As I spent more time with Silverstein’s story, I wondered what might come of the thought-experiment of juxtaposing it next to the Jewish teaching that the Torah is a ‘tree of life’. (Silverstein was Jewish, but, as far as I can ascertain, was not religious, and I cannot find any record of him making this connection.)
In Proverbs 3:18 we read: “She is a tree of life to those who grasp her, and whoever holds on to her is happy.” (JPS translation) We first learn of the idea of a tree of life eitz chayiim in Genesis 3:22. The Talmudic Rabbis took the Proverbs verse about the tree of life to refer to the Torah, and how we should relate to it. What can we learn by looking at the shoresh (root) and associations of some of the Hebrew words?
- The word for ‘life’ is chayah, which implies sustenance, and even the renewal or restoration of life.
- The word for ‘grasp’ in the Hebrew is related to chazak, meaning ‘strong’ – we must grasp strongly to the Torah if it is to sustain us.
- The root word for ‘holds on’ is tamak, which, means not just ‘hold’, but alternatively, ‘support’. Perhaps we can learn from this that it is not enough just to hold on to the Torah. We must actively, and reciprocally, support it, which means living it, as well as preserving and teaching it.
- Finally, the word for ‘happy’ is ashar. This is more than just contentment, elation, or even ‘blessed’. It comes from the root meaning ‘to go straight’, ‘to advance’, being ‘honest’ and ‘proper’. Perhaps this is similar to transcending suffering, and living the Buddhist Noble Eightfold Path of right view, intention, speech, action, livelihood, effort, mindfulness, and concentration. This is the meaning of ashar in ashrei ha’am (happy are the people), and yashar el, one interpretation of Yisrael, the people who go ‘straight to God’.
So, here is an expanded translation of Proverbs 3:18:
“The Torah is a source of life-giving sustenance, reviving those who make a strong connection to her and hold on to her; and whoever goes beyond just holding on to Torah, and supports her (through how they live, preserve and teach her) will be upright, blessed, and move forward honestly and in the right way.”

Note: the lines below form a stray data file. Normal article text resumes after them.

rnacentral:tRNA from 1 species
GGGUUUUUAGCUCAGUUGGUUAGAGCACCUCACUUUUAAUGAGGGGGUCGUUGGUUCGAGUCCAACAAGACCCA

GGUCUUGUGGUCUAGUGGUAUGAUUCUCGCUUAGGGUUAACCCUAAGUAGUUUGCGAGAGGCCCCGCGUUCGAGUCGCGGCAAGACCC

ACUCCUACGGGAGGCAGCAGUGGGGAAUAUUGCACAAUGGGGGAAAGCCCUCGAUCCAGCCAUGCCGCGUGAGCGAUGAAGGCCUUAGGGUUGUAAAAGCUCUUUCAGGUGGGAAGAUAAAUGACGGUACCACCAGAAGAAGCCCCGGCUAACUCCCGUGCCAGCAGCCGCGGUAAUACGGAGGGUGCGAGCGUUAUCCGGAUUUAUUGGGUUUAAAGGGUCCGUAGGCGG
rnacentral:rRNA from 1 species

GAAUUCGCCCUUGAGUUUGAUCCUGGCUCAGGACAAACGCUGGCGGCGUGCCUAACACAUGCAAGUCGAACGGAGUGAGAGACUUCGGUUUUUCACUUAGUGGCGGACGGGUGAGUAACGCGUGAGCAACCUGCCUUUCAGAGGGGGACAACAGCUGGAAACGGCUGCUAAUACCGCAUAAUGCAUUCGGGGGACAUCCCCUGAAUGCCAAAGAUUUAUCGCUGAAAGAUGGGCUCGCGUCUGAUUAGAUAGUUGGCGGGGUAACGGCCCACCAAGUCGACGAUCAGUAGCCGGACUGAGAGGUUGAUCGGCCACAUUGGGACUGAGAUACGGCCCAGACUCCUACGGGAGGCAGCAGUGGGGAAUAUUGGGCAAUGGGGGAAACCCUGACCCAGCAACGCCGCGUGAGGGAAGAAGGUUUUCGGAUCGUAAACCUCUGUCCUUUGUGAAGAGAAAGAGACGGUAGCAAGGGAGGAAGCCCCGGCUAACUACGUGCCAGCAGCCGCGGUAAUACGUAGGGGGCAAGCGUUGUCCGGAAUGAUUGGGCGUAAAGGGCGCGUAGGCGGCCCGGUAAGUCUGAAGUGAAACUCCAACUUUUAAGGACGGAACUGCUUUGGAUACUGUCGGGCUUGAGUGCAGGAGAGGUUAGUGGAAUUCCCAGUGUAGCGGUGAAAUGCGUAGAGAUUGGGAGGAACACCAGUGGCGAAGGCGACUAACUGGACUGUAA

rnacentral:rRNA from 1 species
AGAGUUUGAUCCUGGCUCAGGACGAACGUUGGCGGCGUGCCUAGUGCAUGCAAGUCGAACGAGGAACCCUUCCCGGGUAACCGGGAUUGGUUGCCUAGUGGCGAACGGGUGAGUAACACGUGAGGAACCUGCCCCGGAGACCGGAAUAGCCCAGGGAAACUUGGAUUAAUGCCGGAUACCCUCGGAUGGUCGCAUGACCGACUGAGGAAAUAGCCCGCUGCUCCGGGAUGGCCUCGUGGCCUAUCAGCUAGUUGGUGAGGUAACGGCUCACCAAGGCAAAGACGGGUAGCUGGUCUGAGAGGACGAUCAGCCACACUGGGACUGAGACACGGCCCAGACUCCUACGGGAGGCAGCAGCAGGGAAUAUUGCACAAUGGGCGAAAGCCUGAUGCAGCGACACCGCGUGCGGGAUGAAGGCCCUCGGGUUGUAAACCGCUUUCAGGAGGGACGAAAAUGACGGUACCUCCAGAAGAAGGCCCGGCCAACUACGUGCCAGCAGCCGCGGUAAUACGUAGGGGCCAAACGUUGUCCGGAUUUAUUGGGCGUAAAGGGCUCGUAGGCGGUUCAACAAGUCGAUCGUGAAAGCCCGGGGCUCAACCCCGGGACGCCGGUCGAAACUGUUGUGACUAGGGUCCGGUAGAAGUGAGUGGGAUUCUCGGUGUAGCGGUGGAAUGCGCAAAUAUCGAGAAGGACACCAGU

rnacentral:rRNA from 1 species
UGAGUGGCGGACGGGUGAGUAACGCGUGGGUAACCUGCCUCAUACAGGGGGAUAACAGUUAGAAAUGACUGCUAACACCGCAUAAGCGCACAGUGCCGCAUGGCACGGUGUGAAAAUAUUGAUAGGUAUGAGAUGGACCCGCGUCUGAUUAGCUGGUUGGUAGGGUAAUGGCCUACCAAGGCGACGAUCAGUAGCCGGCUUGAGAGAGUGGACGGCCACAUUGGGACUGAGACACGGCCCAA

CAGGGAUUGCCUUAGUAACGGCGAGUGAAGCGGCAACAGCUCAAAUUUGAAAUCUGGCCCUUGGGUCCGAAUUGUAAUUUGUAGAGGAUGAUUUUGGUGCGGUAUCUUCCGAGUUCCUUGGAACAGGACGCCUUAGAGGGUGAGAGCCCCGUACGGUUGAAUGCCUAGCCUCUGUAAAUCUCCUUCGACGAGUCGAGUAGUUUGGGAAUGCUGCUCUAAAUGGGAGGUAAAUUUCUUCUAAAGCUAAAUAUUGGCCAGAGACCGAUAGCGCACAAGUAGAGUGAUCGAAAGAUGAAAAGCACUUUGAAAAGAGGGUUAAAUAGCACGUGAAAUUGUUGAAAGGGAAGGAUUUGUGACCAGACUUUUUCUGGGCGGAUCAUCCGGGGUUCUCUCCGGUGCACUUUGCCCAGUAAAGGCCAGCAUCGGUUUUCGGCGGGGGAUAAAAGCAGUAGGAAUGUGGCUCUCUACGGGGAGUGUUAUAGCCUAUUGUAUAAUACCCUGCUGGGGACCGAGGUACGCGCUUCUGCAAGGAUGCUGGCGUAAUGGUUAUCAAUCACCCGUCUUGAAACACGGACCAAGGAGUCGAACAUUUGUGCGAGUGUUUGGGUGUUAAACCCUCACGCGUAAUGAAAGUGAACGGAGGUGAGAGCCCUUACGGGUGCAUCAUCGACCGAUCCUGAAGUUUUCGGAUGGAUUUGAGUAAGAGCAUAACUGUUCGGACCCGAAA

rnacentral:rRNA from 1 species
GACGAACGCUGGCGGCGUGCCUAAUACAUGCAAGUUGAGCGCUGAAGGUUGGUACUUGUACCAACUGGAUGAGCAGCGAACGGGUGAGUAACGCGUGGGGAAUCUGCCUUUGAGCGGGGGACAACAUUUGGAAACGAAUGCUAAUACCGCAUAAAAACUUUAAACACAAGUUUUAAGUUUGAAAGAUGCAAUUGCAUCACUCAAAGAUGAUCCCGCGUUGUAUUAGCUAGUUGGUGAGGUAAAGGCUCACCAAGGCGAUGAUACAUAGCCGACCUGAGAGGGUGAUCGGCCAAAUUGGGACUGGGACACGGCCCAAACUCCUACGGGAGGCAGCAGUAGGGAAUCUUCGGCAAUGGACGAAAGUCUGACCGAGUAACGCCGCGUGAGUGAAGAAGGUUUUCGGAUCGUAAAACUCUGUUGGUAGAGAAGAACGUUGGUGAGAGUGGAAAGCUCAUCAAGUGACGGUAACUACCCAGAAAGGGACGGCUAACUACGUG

What happens to Silverstein’s text when it is studied as an (albeit unintentional) allegory? As a youngster, the boy makes crowns from the leaves of the tree and pretends to be ‘king of the forest’. When he is very young, he is very close to his pure, spiritual state; in kabbalah, on the Tree of Life, this is keter the ‘crown’. The mystical poet Thomas Traherne (17th century) wrote of the child’s special spiritual condition: “My knowledge was Divine”. The boy eats the Tree’s apples; he is taught the most appealing parts of Torah, even taught it while tasting honey (the apples of the Giving Tree) so that he grows to love her. He plays ‘hide-and-go-seek’ with the Tree; when young, he may hide from the more serious teachings of Torah, but can be gently sought out and brought to them. And he sleeps in the Tree’s shade, learning to say the bedtime Shema (texts from Torah) so that he sleeps in its embrace.
As an adolescent the boy thinks himself “too big to climb and play” with the Tree. He resists, not wanting to spend time with Torah, or ‘climb’ to greater understanding of her. He wants to become successful and make money. Like the Tree, the Torah can offer him ‘apples’, wisdom in how to do even these things.